Hanover Wins Agency Role Despite Chemical's Low Bid

Manufacturers Hanover Trust Co. won the coveted spot of administrative agent for a $463 million buyout loan, despite rival Chemical Bank's bid to underwrite the entire credit at a cheaper price.

The bank loan will help finance the $643 million purchase of Occidental Petroleum Corp.'s natural gas liquids business by a joint venture of Oxy and Hicks, Muse & Co., the Dallas buyout firm.

Traditional Lead Bank

Hanover has been the traditional lead bank for Hicks Muse, so to a certain extent, this latest deal was Hanover's to lose.

Known for aggressive pricing, Chemical submitted the low-ball bid in a gambit to woo an important client away from Hanover.

It was not immediately clear why Chemical's bid was not selected, though its efforts partly paid off, because Chemical was chosen, along with Hanover and the principal banking subsidiary of BankAmerica Corp., as one of three coagents.

Hanover's additional role as administrative agent confers stature, plus a modest flat fee of about several hundred thousand dollars.

5 Full Underwriting Bids

All three banks submitted full underwriting bids.

At least two other banks - Bankers Trust Co. and Credit Lyonnais - also submitted full underwriting bids, sources said.

Partially underwritten bids were submitted by a number of other banks, including Barclays Bank, Continental Bank, and Bank of Nova Scotia.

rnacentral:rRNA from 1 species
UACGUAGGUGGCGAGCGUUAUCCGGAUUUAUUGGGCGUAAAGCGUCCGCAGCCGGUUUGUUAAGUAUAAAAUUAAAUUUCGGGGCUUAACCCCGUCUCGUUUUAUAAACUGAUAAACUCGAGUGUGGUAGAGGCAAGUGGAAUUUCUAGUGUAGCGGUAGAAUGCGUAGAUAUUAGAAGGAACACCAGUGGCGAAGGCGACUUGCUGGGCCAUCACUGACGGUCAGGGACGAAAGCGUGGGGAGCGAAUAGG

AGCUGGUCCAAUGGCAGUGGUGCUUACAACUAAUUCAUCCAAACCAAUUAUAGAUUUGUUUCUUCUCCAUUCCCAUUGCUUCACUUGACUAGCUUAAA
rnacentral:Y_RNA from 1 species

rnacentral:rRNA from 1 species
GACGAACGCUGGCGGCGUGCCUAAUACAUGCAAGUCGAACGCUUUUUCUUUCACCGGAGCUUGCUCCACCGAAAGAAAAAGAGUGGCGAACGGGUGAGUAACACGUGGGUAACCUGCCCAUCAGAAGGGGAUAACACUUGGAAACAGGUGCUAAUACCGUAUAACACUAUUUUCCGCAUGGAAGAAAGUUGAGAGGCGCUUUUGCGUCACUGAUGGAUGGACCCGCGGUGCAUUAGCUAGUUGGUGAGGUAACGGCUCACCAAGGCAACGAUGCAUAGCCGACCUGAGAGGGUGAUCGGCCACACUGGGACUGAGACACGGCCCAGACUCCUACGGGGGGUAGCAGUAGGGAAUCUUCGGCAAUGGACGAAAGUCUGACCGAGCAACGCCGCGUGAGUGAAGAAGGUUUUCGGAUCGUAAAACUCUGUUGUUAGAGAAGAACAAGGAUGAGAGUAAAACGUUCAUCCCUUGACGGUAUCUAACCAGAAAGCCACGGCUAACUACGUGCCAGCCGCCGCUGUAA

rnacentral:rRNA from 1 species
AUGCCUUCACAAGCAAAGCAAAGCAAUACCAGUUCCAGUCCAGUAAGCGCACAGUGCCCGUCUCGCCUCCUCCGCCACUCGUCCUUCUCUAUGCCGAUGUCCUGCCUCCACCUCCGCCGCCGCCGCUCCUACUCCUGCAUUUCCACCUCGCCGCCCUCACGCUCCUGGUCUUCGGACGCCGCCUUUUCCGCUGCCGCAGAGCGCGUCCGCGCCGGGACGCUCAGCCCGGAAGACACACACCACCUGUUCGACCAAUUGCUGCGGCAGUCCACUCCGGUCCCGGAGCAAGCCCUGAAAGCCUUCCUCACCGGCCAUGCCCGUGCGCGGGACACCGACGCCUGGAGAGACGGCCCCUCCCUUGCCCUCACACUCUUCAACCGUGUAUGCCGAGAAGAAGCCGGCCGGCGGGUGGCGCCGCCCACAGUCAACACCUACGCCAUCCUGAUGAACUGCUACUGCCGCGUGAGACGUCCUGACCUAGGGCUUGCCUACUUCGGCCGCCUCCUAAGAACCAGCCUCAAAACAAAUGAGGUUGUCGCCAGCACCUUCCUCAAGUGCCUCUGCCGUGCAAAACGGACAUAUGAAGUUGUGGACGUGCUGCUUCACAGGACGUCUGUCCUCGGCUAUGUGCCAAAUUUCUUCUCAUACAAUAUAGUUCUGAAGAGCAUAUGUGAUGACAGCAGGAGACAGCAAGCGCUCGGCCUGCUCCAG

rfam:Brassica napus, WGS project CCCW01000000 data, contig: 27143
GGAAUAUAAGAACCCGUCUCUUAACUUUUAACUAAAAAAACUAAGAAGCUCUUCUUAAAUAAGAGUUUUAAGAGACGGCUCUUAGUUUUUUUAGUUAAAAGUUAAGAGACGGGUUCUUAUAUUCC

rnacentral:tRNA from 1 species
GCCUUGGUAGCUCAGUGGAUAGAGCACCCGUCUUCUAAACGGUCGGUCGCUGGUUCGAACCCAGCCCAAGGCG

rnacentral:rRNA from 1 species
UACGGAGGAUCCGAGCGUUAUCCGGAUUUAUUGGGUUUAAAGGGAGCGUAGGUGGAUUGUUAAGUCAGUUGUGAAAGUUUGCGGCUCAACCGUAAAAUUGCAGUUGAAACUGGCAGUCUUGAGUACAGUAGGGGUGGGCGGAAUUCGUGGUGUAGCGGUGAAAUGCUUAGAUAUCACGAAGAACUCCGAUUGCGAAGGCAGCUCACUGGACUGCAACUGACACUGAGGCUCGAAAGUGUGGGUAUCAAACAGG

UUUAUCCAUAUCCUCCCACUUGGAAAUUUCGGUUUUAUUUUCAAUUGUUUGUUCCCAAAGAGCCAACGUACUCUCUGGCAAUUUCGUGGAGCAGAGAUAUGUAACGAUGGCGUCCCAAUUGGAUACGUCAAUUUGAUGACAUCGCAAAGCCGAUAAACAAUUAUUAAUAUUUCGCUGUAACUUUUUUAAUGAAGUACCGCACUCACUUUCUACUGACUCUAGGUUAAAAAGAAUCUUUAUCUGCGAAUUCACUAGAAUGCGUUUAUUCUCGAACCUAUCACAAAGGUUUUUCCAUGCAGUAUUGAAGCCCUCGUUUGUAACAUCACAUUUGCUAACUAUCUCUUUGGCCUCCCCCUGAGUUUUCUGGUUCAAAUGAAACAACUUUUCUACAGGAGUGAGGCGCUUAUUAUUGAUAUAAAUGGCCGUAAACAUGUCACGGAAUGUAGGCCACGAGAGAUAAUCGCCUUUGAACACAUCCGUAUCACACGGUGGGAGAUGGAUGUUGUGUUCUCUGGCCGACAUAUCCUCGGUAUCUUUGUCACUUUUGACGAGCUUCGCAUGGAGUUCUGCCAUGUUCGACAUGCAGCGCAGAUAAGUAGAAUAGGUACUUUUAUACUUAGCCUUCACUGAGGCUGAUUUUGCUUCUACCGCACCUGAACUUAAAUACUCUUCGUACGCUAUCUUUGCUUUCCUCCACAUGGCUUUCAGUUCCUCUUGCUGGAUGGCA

Citicorp and Chase Manhattan Corp. were said to have been working on a joint underwriting bid that never got off the ground, according to sources.

Occidental's Preference

When asked why the joint venture didn't accept Chemical's low-ball bid, an Occidental spokesman said only that, as a rule, the company wants to have several agent banks, not just one.

Hicks Muse officials did not return phone calls for comment.

In soliciting underwriting bids, the buyout firm proposed to pay banks an interest rate spread of 250 basis points over the London interbank offered rate, plus fees amounting to 2% of the loan amount.

The pricing wound up at the same spread and fees of 2.75%.

To HLT, Or Not to HLT

The proposed pricing had been based on Hicks Muse's belief that the deal is not a highly leveraged transaction. However, bankers said it remains to be seen whether the HLT designation can be avoided.

Despite the uncertainty about the HLT designation, Chemical submitted a bid that carried a lower spread than the borrowers proposed to pay. Chemical apparently felt that syndicating the loan wouldn't be a problem, even at sub-HLT pricing.

Other bankers were not so sure.

Chemical Went It Alone

Chemical was also prepared to syndicate the credit in the broad bank loan market, without taking on a coagent.

Though the strategy carried some risk, it meant that Chemical could be more aggressive on pricing because it wouldn't have had to share underwriting fees.

Subscribe Now

Access to authoritative analysis and perspective and our data-driven report series.

14-Day Free Trial

No credit card required. Complete access to articles, breaking news and industry data.